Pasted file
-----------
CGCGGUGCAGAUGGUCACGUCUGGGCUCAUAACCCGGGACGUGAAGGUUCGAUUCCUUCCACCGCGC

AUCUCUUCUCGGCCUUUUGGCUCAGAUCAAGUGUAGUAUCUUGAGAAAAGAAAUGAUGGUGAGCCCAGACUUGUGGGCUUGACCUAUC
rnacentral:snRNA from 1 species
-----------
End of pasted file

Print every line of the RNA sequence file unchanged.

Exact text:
CGCGGUGCAGAUGGUCACGUCUGGGCUCAUAACCCGGGACGUGAAGGUUCGAUUCCUUCCACCGCGC

AUCUCUUCUCGGCCUUUUGGCUCAGAUCAAGUGUAGUAUCUUGAGAAAAGAAAUGAUGGUGAGCCCAGACUUGUGGGCUUGACCUAUC
rnacentral:snRNA from 1 species